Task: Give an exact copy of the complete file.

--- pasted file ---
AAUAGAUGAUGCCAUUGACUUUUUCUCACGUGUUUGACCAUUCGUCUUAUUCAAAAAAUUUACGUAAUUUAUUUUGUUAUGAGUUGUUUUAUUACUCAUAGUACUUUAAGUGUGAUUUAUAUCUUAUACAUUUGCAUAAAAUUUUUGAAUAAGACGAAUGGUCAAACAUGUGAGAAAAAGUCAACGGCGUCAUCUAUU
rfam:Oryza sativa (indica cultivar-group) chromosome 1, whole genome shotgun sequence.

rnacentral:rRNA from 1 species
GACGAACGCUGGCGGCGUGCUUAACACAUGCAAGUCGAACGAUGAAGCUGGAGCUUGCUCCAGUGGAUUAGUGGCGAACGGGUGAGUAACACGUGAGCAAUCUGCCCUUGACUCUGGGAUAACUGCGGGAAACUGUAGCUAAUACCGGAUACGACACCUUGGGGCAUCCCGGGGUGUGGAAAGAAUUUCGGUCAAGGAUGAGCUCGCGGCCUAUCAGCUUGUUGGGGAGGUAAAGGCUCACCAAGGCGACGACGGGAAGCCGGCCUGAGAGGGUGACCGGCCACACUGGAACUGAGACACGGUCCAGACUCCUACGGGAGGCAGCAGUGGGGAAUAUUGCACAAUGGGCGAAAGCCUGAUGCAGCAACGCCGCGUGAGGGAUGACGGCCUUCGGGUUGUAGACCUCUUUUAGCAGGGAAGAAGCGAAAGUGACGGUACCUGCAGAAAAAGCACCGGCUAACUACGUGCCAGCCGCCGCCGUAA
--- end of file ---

AAUAGAUGAUGCCAUUGACUUUUUCUCACGUGUUUGACCAUUCGUCUUAUUCAAAAAAUUUACGUAAUUUAUUUUGUUAUGAGUUGUUUUAUUACUCAUAGUACUUUAAGUGUGAUUUAUAUCUUAUACAUUUGCAUAAAAUUUUUGAAUAAGACGAAUGGUCAAACAUGUGAGAAAAAGUCAACGGCGUCAUCUAUU
rfam:Oryza sativa (indica cultivar-group) chromosome 1, whole genome shotgun sequence.

rnacentral:rRNA from 1 species
GACGAACGCUGGCGGCGUGCUUAACACAUGCAAGUCGAACGAUGAAGCUGGAGCUUGCUCCAGUGGAUUAGUGGCGAACGGGUGAGUAACACGUGAGCAAUCUGCCCUUGACUCUGGGAUAACUGCGGGAAACUGUAGCUAAUACCGGAUACGACACCUUGGGGCAUCCCGGGGUGUGGAAAGAAUUUCGGUCAAGGAUGAGCUCGCGGCCUAUCAGCUUGUUGGGGAGGUAAAGGCUCACCAAGGCGACGACGGGAAGCCGGCCUGAGAGGGUGACCGGCCACACUGGAACUGAGACACGGUCCAGACUCCUACGGGAGGCAGCAGUGGGGAAUAUUGCACAAUGGGCGAAAGCCUGAUGCAGCAACGCCGCGUGAGGGAUGACGGCCUUCGGGUUGUAGACCUCUUUUAGCAGGGAAGAAGCGAAAGUGACGGUACCUGCAGAAAAAGCACCGGCUAACUACGUGCCAGCCGCCGCCGUAA